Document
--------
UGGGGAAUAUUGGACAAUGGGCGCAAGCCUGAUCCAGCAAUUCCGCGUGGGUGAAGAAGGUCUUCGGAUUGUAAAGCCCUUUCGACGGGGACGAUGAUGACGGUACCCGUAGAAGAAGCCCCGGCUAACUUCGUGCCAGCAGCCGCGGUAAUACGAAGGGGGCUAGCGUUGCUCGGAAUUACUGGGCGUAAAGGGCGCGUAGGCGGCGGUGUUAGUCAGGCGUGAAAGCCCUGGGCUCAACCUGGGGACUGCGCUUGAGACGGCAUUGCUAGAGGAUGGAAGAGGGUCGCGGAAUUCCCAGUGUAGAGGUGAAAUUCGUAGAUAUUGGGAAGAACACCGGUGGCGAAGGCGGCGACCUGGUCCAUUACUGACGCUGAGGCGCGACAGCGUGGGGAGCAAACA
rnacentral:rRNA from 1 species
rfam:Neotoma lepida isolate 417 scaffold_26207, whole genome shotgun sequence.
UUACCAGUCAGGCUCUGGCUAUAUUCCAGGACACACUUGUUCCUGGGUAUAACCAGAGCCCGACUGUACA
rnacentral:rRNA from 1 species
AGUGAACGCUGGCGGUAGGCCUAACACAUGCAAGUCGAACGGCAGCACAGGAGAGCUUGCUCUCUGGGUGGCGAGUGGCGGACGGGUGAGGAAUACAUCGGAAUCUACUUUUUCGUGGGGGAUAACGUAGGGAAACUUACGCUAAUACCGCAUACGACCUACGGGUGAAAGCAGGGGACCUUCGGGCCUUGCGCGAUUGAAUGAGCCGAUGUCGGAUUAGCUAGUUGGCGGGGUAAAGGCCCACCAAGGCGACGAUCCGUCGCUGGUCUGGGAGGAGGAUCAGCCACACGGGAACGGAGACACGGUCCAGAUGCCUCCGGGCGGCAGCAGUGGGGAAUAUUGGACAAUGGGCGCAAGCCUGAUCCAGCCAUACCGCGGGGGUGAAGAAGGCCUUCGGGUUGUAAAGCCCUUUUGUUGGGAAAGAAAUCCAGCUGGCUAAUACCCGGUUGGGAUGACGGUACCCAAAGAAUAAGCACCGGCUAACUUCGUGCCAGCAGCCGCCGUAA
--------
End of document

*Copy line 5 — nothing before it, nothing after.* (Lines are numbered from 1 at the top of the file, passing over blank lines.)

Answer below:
rnacentral:rRNA from 1 species